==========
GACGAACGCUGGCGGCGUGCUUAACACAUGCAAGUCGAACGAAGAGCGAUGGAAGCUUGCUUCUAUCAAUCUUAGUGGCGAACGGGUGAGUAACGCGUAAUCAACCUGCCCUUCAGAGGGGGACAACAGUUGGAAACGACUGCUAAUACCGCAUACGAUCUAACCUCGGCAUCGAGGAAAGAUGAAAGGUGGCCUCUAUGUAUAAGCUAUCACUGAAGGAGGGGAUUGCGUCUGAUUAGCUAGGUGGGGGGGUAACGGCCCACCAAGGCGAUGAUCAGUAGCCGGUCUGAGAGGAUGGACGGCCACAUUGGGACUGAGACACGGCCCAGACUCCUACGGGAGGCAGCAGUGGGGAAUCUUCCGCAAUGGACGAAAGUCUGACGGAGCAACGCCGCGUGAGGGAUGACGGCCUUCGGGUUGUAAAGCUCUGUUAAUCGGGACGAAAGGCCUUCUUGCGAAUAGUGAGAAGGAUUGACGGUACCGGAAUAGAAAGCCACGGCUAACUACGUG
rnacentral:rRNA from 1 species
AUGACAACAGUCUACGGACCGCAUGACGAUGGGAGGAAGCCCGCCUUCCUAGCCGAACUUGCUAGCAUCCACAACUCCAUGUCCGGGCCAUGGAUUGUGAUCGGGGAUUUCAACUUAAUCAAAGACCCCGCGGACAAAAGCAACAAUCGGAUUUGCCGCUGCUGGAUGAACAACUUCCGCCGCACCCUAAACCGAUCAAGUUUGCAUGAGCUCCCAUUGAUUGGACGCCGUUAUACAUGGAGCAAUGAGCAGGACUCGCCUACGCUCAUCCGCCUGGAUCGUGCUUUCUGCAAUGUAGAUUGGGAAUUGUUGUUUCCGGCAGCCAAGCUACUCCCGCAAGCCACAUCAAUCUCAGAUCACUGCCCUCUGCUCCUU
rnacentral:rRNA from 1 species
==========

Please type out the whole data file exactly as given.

GACGAACGCUGGCGGCGUGCUUAACACAUGCAAGUCGAACGAAGAGCGAUGGAAGCUUGCUUCUAUCAAUCUUAGUGGCGAACGGGUGAGUAACGCGUAAUCAACCUGCCCUUCAGAGGGGGACAACAGUUGGAAACGACUGCUAAUACCGCAUACGAUCUAACCUCGGCAUCGAGGAAAGAUGAAAGGUGGCCUCUAUGUAUAAGCUAUCACUGAAGGAGGGGAUUGCGUCUGAUUAGCUAGGUGGGGGGGUAACGGCCCACCAAGGCGAUGAUCAGUAGCCGGUCUGAGAGGAUGGACGGCCACAUUGGGACUGAGACACGGCCCAGACUCCUACGGGAGGCAGCAGUGGGGAAUCUUCCGCAAUGGACGAAAGUCUGACGGAGCAACGCCGCGUGAGGGAUGACGGCCUUCGGGUUGUAAAGCUCUGUUAAUCGGGACGAAAGGCCUUCUUGCGAAUAGUGAGAAGGAUUGACGGUACCGGAAUAGAAAGCCACGGCUAACUACGUG
rnacentral:rRNA from 1 species
AUGACAACAGUCUACGGACCGCAUGACGAUGGGAGGAAGCCCGCCUUCCUAGCCGAACUUGCUAGCAUCCACAACUCCAUGUCCGGGCCAUGGAUUGUGAUCGGGGAUUUCAACUUAAUCAAAGACCCCGCGGACAAAAGCAACAAUCGGAUUUGCCGCUGCUGGAUGAACAACUUCCGCCGCACCCUAAACCGAUCAAGUUUGCAUGAGCUCCCAUUGAUUGGACGCCGUUAUACAUGGAGCAAUGAGCAGGACUCGCCUACGCUCAUCCGCCUGGAUCGUGCUUUCUGCAAUGUAGAUUGGGAAUUGUUGUUUCCGGCAGCCAAGCUACUCCCGCAAGCCACAUCAAUCUCAGAUCACUGCCCUCUGCUCCUU
rnacentral:rRNA from 1 species